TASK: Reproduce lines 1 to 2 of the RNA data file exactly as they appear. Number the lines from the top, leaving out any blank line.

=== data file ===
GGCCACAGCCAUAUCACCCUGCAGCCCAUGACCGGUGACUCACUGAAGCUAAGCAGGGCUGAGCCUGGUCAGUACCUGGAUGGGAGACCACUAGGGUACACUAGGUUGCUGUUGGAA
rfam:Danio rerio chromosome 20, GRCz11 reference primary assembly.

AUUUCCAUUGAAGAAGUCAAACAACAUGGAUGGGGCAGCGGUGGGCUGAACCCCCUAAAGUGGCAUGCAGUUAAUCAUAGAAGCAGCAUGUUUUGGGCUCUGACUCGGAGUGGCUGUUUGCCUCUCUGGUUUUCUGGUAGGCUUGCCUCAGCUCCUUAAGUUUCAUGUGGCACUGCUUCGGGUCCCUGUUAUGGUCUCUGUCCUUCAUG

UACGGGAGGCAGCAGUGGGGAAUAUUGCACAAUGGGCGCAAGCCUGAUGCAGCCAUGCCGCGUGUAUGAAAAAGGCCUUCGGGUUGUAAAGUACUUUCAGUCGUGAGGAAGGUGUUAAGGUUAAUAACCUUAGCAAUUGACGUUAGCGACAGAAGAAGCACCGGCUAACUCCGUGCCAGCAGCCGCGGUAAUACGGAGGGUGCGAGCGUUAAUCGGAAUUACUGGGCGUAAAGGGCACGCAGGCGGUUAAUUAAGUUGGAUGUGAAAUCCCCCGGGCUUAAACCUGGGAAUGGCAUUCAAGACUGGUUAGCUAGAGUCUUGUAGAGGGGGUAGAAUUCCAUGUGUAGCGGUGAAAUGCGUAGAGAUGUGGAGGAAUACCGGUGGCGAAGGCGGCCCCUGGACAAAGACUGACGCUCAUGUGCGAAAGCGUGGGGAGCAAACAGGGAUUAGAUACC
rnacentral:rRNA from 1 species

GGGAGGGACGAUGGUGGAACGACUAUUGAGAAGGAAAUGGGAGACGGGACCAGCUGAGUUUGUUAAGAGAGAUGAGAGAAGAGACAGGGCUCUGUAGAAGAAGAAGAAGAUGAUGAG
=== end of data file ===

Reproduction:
GGCCACAGCCAUAUCACCCUGCAGCCCAUGACCGGUGACUCACUGAAGCUAAGCAGGGCUGAGCCUGGUCAGUACCUGGAUGGGAGACCACUAGGGUACACUAGGUUGCUGUUGGAA
rfam:Danio rerio chromosome 20, GRCz11 reference primary assembly.